It is also clear that the two-tier arrangement did not discourage competing offerors. Mobil, in fact, responded to Steel's offer with an offer of its own, similar in price and structure. See, Radol, supra, at 1313.

While it may be true that "[t]he methods and techniques of manipulation are limited only by the ingenuity of man," Cargill, Inc. v. Hardin, 452 F.2d 1154, 1163 (8th Cir. 1971), cert. denied, 406 U.S. 932, 92 S. Ct. 1770, 32 L. Ed. 2d 135 (1972), it remains the case that "manipulation is virtually a term of art when used in connection with securities markets. The term refers generally to practices, such as wash sales, matched orders, or rigged prices, that are intended to mislead investors by artificially affecting market activity." Santa Fe Industries, Inc. v. Green, 430 U.S. 462, 476, 97 S. Ct. 1292, 1302, 51 L. Ed. 2d 480 (1977) (citations omitted). The term does not cover all situations where shareholders may have been treated unfairly, id. at 477, 97 S. Ct. at 1302, and it does not cover the two-tier tender offer and merger at issue here.

This conclusion is buttressed by the fact that Congress has, by implication, acknowledged the existence of two-tier transactions and has regulated but not outlawed them, see 17 C.F.R. § 240.13e-3, and by the fact that the Court in Mobil, supra, allowed this very arrangement to proceed after striking out the invalid options. See generally Radol, supra, at 1312-13.

On this issue, defendants' Motion for Partial Summary Judgment will be granted.[8]

 
*591 Tender Offer Materials As Proxy Solicitations

Defendants also seek summary judgment on plaintiffs' claim that defendants' communications at the time of the tender offer are, in effect, proxy solicitations which violate § 14(a), 15 U.S.C. § 78n(a).[9] Plaintiffs first note defendants' argument that the two-tier tender offer and merger arrangement must be considered a unitary transaction for purposes of assessing the fairness of the deal. Plaintiffs then contend that the arrangement must also be considered a unitary transaction with respect to the application of proxy rules. They argue that, as a practical matter, shareholders were faced with the decision of whether to approve the merger at the time of the tender offer. Therefore, the materials disseminated by defendants in connection with the tender offer were, in effect, proxy solicitations. The Court disagrees with plaintiffs' reasoning.

While it may be appropriate to consider the two-step transaction as unitary for the purpose of assessing its fairness,[10] it does not follow that it should be considered unitary with respect to the application of the proxy rules of § 14(a).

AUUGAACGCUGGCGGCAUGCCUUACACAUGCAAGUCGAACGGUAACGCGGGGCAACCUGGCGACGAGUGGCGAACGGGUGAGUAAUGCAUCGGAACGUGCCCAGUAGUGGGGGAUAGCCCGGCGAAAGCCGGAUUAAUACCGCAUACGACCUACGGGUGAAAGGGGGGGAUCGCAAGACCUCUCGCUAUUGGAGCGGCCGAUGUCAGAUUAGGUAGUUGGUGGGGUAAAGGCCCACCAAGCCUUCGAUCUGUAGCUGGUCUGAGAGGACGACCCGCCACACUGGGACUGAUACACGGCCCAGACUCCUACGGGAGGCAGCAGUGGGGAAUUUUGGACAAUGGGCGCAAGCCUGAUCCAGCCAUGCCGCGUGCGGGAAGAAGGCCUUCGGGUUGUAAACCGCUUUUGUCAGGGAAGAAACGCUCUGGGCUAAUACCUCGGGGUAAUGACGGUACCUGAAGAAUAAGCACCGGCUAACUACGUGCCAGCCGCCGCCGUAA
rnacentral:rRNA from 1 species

In evaluating the fairness of the choice confronting shareholders, it is clear as a matter of logic that the two options must be considered together. Shareholders were free either to tender or to accept the terms of the merger. Fairness must therefore be considered in the context of both available options, considered as a whole.

However, as this Court has previously noted, "a tender offer and subsequent merger are distinct acts with separate concerns toward which the securities laws and SEC Rules are directed in their regulatory schemes." Radol, supra, at 1314. Therefore, it is entirely appropriate to consider each step in such a transaction separately.

It is clear that the statements made in the tender offer and in the November 19, 1981, letter to Marathon shareholders from Director Hoopman were made in compliance with the securities laws and SEC Rules pertaining to tender offers. Id. As the Court has stated,

 
To comply with these rules, U.S. Steel and Marathon referred to the merger agreement which would be proposed if the tender offer was successful. These references were not the equivalent of solicitations for the merger which would call forth application of the full panoply of the proxy rules. The proxy rules were applicable only when the merger step of the transaction began. See Sheinberg v. Fluor Corp., 514 F. Supp. 133, 138 (S.D.N. Y.1981). Id. (footnote omitted).

Here again, summary judgment is appropriate. The "material facts" are the tender offer and the materials distributed in connection therewith. The dispute involves a purely legal question. On this claim, defendants' Motion will be granted.

 
Rule 13e-3 and the Tender Offer

The third issue on which defendants seek summary judgment involves plaintiffs' claim that SEC Rule 13e-3[11], dealing with going private transactions, applied to the tender offer stage of the two-tier arrangement and required disclosure, at that time, of the First Boston and internal valuations, and plaintiffs' claim that the fairness opinions *592 required by that Rule to be contained in the proxy statement were inadequate. On these claims, the Court finds that defendants are entitled to summary judgment.

As noted in Radol, supra, at 1304, it is undisputed that Rule 13e-3 applied to the merger stage of this transaction, and that defendants purported to comply with the Rule in their proxy statement. Plaintiffs claim, however, that the Rule also applied to the tender offer stage and required disclosure, in Steel's tender offer and supporting solicitations, of the First Boston and internal valuations.